Oct 29, 2019 Posted by: OROS Apparel

How To Pack Carry On-Only For Fall Travel


The secret to pulling off a quick fall trip is keeping things simple and streamlined. Whether you’re jetting to the mountains for a leaf-peeping hike or jumping on a great airfare to explore a new city, choosing to pack only a carry-on items will help you focus more time and energy on enjoying your trip. Without waiting for checked bags or schlepping around a large suitcase, you’ll be able to jump right into whatever adventure is waiting. But there’s an art to going carry-on only. It takes preparation and investing in the right type of clothes. Here are 12 tips for making the most of your carry-on item for your next fall trip.

Lay out outfits for specific events first. 

If you know you’re going hiking, you’ll need different clothes and shoes than if you’re headed to a wedding. If there are important events on your trip requiring specific clothes, pick those out first and build the rest of what you take around that, so you’ll be sure you have room for those essentials. Taking a little time to lay out what you plan to take to wear for each day and scanning over them visually will make sure you don’t forget something important. 

Choose items that coordinate.

The easiest way to slim down your packing list is to pack only clothing that works with everything else you pack—and focus on clothing you can wear more than once. Choosing clothes in black or neutral colors, or going with a monochromatic color scheme, will let you mix and match easily. Leave the “what it” items at home and use accessories like a beanie or a scarf to add pops of color or personality.

Opt for quick-drying clothes that pull double duty.

The beauty of much of today’s outdoor apparel is that it’s stylish enough to work on or off the trail. So you could pack a single pair of black soft shell pants that will be wicking and comfortable while you’re hiking and also look good at dinner or on the flight. Choose fabrics that shed moisture and also stretch, so they’ll keep their shape—and they’ll also be quick to dry in case you need to give them a quick wash.

Pack outerwear that’s compressible and flexible.

Fall is a great time for carry-on travel because you can often get away with packing mid-layers or a vest. Especially if they’re insulated with something like SOLARCORE, which is extra warm for how thin it is. Plus, you can mix and match vests and mid-layers with other items for whatever conditions you find yourself in.

Pick the right luggage.

Take the time to make sure your carry-on bag is actually the right size for your airline’s carry-on allowance. Why go to the effort to plan and pack everything efficiently if you’re going go end up having it gate checked anyway? Some manufacturers, like AWAY, also make packing cube sets that fit perfectly into their carry-on luggage, so there’s no puzzling over what goes where.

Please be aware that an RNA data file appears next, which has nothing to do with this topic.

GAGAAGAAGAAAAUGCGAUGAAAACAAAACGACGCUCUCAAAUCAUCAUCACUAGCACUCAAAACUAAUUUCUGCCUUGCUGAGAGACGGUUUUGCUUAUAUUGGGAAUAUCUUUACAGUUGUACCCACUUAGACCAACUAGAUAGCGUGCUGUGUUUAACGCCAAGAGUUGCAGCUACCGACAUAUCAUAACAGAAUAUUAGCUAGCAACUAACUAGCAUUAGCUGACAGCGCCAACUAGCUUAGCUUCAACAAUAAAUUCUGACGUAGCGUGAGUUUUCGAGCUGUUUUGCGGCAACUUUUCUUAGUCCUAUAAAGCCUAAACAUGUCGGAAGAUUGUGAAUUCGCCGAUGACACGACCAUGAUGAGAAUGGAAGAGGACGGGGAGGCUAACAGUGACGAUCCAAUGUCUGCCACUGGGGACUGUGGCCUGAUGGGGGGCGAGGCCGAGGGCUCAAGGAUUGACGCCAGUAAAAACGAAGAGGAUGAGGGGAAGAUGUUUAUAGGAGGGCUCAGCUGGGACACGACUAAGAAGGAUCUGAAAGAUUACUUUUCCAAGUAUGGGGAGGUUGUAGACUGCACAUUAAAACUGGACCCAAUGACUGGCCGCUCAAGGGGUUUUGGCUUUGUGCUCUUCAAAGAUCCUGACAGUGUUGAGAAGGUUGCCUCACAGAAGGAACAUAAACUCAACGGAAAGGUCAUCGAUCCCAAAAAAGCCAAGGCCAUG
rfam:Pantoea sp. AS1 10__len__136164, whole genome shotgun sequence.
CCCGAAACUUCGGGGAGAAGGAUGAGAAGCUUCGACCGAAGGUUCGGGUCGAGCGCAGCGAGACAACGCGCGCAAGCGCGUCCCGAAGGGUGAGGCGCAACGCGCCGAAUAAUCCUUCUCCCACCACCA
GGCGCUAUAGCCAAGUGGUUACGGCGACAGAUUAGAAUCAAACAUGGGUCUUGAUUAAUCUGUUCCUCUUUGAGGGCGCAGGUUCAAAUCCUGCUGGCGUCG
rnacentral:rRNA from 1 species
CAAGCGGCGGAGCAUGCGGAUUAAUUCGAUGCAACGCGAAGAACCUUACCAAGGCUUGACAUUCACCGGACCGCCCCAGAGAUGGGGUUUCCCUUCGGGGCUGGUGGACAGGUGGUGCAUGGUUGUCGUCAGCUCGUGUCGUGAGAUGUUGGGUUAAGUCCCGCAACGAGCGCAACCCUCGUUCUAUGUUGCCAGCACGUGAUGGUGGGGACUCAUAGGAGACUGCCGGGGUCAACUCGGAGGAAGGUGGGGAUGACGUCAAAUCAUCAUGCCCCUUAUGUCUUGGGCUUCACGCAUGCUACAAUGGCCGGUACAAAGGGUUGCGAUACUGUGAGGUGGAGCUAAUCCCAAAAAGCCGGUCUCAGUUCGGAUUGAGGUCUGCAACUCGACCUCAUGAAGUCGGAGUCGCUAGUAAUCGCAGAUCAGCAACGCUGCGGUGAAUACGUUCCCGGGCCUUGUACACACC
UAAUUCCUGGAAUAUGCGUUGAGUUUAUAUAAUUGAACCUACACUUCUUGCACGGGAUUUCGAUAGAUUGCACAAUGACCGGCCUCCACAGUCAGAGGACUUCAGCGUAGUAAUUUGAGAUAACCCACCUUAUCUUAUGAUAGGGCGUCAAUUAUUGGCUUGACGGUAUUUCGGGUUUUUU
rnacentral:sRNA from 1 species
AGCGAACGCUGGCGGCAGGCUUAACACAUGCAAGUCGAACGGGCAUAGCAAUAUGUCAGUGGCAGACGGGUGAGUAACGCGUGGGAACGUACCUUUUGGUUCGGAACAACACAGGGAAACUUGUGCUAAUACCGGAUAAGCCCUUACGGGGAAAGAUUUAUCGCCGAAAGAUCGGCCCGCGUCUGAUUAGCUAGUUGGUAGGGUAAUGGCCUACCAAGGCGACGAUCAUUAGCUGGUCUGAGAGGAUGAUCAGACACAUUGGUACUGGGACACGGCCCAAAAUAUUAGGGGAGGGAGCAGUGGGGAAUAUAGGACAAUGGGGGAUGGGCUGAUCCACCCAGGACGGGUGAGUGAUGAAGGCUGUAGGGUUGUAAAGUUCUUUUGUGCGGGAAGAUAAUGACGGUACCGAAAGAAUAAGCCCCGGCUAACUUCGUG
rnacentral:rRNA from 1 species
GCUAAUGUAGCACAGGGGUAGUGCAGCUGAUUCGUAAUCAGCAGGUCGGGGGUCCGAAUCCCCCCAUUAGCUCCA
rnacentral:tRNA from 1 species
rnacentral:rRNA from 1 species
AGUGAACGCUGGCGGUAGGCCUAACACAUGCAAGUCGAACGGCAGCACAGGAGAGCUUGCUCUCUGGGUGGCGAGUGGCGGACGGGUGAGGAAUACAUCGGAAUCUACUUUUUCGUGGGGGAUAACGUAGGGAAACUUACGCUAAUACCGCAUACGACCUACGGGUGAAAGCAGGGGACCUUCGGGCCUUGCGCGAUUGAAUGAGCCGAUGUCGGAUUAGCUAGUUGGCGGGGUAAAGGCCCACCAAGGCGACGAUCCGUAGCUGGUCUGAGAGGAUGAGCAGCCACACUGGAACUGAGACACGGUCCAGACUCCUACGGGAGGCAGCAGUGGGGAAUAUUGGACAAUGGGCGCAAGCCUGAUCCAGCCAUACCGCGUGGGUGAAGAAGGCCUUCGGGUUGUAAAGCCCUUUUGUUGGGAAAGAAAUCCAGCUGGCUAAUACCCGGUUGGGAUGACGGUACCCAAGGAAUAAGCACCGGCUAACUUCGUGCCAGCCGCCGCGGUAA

Ditch the toiletries if you can.

If you’re staying at a hotel or AirBnB, the odds are good they’ll provide you with basic soap, shampoo and conditioner. That offers a great opportunity to save a bit of space in your bag. Want to go even more minimalist? Pick up other necessities like toothpaste and deodorant when you get where you’re going.

Fill empty spaces in your bag.

As you’re packing your bag, take note of any spots left empty because of an awkward item—like shoes. The inside of your shoes is the perfect spot to shove some socks or underwear to use up the space.

Roll your clothes instead of folding them.

Rolling your clothes to pack them may not leave them perfectly wrinkle free, but it can help avoid the big, noticeable lines left by traditional folding. Plus, packing items in compact rolls helps you view all the clothes you packed more easily to find what you need, instead of having to paw through a stack of folded items to see what’s underneath.

Use compression bags or cubes.

Compression sacks or vacuum bags and can help you expel the air hiding within your stack of clothing to make more room for other items. It can help you keep clothes organized and make it easier to get you bag zipped when it’s time to check in. Plus, you can separate dirty or sweaty items from the clean ones.

Wear your bulkiest items on the flight.

Having trouble fitting that jacket or pair of boots into your carry on? Take them out of your bag and put them on your body. Ideally, avoiding bulky items is key to a minimalist packing job, but sometimes you just need that one item. That’s when it might be time to just wear it.


Only pack what you know works.

A carry on-only trip is not the time for trying out new clothes, outerwear or shoes you’ve never worn before. As fun as it is to wear something brand new on a trip, it’s an easy way to waste space on something that doesn’t actually fit perfectly or doesn’t actually work with the rest of what you packed. Make sure to try on all the combinations you laid out together—if they don’t actually work together, you won’t be likely to actually wear them on your trip. Same thing goes for shoes—plus, blisters from an untested pair of shoes are a quick way to ruin a trip.

Do a pack test ahead of time.

Nothing is more stressful than having to sit on your suitcase at the last minute, trying to smash everything in and decide what needs to be left behind. By laying everything out in advance, then actually packing it all beforehand, you’ll save yourself time when it’s time to actually head out. The beauty of spending a little time preparing is that it will allow you to breeze through your packing and travel time so you can enjoy every minute of your trip, stress free.


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